The Pantanal is a huge South American wetland. Spanning an area of around one hundred and forty thousand square kilometers, the Pantanal's surface area is far greater than any other wetland in the world. It was declared a "World Biosphere Reserve and a World Heritage of Humanity site" by UNESCO. With over four thousand species of life forms, the hallmark of the Pantanal is its rich ecological diversity because of which it is called "The Serengeti of South America".
The history of the Pantanal dates back to the 1500s when the Portuguese advanced through Brazil seeking gold. Originally, due to the flooded plains, they thought that Pantanal was in fact a landlocked sea. They called it "Sea of Xaraés". It was in 1864 that the Portuguese discovered its fertile lands and renamed it "O Pantanal" (The Swamp). Until railway lines were established in the region in 1914, Pantanal was quite remote.
Most of the Pantanal is located in Brazil, although small regions of the wetland do lie in neighboring countries of Bolivia and Paraguay. The entire region of the Pantanal is divided into Northern and Southern parts. The Northern part can be accessed through the city of Cuiaba and the Southern, through Campo Grande.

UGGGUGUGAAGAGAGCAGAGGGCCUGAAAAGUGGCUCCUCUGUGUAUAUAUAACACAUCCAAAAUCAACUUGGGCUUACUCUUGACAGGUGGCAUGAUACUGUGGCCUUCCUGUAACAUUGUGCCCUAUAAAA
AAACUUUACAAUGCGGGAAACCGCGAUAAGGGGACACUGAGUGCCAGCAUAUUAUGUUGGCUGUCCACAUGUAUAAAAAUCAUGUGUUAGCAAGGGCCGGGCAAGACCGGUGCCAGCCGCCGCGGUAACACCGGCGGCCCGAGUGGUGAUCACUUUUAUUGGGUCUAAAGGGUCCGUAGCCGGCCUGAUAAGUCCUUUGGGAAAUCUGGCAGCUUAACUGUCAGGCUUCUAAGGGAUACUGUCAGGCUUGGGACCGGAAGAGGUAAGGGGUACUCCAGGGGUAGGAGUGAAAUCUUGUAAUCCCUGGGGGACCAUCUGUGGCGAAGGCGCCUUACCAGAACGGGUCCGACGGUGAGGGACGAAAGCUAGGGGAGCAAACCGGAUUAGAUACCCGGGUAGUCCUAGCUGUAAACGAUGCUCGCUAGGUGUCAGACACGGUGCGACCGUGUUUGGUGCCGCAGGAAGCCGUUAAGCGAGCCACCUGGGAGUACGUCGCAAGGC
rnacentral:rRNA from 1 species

The Pantanal wetlands are floodplains that are characterized by swamps, grassy plains and different kinds of forests. This diverse landscape contributes greatly towards the bio-diversity of the Pantanal. The region receives heavy rainfall during the rainy season (from October to February) causing the Paraguay River to swell and flood more than two-thirds of the Pantanal.